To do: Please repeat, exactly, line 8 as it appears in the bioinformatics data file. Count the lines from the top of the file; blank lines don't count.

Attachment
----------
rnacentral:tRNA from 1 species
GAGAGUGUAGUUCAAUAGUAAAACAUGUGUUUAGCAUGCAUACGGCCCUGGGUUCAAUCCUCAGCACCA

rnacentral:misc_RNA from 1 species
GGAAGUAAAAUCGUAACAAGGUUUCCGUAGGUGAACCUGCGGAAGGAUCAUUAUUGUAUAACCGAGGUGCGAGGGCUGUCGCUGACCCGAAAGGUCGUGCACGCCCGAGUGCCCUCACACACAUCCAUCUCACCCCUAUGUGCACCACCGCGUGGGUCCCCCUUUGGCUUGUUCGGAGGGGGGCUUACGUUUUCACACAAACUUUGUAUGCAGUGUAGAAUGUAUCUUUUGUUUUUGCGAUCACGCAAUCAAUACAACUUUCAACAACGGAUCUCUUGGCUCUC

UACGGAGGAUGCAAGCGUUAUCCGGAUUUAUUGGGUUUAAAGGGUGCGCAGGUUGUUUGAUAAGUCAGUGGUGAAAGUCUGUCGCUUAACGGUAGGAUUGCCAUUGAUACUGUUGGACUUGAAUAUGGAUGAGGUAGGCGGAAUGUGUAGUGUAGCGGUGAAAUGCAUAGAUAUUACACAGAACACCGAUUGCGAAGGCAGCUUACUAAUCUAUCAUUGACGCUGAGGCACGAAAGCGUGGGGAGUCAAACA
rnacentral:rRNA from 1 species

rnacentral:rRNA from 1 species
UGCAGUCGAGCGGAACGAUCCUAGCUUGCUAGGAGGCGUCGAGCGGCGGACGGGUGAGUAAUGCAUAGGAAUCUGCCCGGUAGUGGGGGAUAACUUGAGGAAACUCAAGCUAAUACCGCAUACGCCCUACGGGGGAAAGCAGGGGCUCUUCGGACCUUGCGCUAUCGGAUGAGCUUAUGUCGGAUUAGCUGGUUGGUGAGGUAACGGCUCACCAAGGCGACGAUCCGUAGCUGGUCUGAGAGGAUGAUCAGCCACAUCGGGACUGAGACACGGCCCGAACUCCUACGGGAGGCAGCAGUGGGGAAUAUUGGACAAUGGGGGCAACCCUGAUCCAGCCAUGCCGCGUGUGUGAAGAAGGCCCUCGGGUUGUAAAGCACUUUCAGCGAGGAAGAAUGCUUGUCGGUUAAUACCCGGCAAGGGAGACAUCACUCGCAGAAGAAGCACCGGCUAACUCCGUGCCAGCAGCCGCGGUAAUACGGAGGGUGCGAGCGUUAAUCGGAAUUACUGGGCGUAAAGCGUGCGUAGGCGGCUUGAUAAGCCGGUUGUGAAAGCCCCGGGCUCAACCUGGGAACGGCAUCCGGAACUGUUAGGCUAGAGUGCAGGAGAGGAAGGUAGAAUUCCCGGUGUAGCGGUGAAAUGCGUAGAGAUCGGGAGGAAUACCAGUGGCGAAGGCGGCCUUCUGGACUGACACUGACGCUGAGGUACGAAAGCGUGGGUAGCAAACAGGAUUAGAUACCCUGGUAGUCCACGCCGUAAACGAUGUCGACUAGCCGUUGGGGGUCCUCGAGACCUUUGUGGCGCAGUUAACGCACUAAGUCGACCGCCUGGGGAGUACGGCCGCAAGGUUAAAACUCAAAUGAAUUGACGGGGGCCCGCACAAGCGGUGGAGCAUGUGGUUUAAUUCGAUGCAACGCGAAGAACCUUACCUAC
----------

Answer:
UGCAGUCGAGCGGAACGAUCCUAGCUUGCUAGGAGGCGUCGAGCGGCGGACGGGUGAGUAAUGCAUAGGAAUCUGCCCGGUAGUGGGGGAUAACUUGAGGAAACUCAAGCUAAUACCGCAUACGCCCUACGGGGGAAAGCAGGGGCUCUUCGGACCUUGCGCUAUCGGAUGAGCUUAUGUCGGAUUAGCUGGUUGGUGAGGUAACGGCUCACCAAGGCGACGAUCCGUAGCUGGUCUGAGAGGAUGAUCAGCCACAUCGGGACUGAGACACGGCCCGAACUCCUACGGGAGGCAGCAGUGGGGAAUAUUGGACAAUGGGGGCAACCCUGAUCCAGCCAUGCCGCGUGUGUGAAGAAGGCCCUCGGGUUGUAAAGCACUUUCAGCGAGGAAGAAUGCUUGUCGGUUAAUACCCGGCAAGGGAGACAUCACUCGCAGAAGAAGCACCGGCUAACUCCGUGCCAGCAGCCGCGGUAAUACGGAGGGUGCGAGCGUUAAUCGGAAUUACUGGGCGUAAAGCGUGCGUAGGCGGCUUGAUAAGCCGGUUGUGAAAGCCCCGGGCUCAACCUGGGAACGGCAUCCGGAACUGUUAGGCUAGAGUGCAGGAGAGGAAGGUAGAAUUCCCGGUGUAGCGGUGAAAUGCGUAGAGAUCGGGAGGAAUACCAGUGGCGAAGGCGGCCUUCUGGACUGACACUGACGCUGAGGUACGAAAGCGUGGGUAGCAAACAGGAUUAGAUACCCUGGUAGUCCACGCCGUAAACGAUGUCGACUAGCCGUUGGGGGUCCUCGAGACCUUUGUGGCGCAGUUAACGCACUAAGUCGACCGCCUGGGGAGUACGGCCGCAAGGUUAAAACUCAAAUGAAUUGACGGGGGCCCGCACAAGCGGUGGAGCAUGUGGUUUAAUUCGAUGCAACGCGAAGAACCUUACCUAC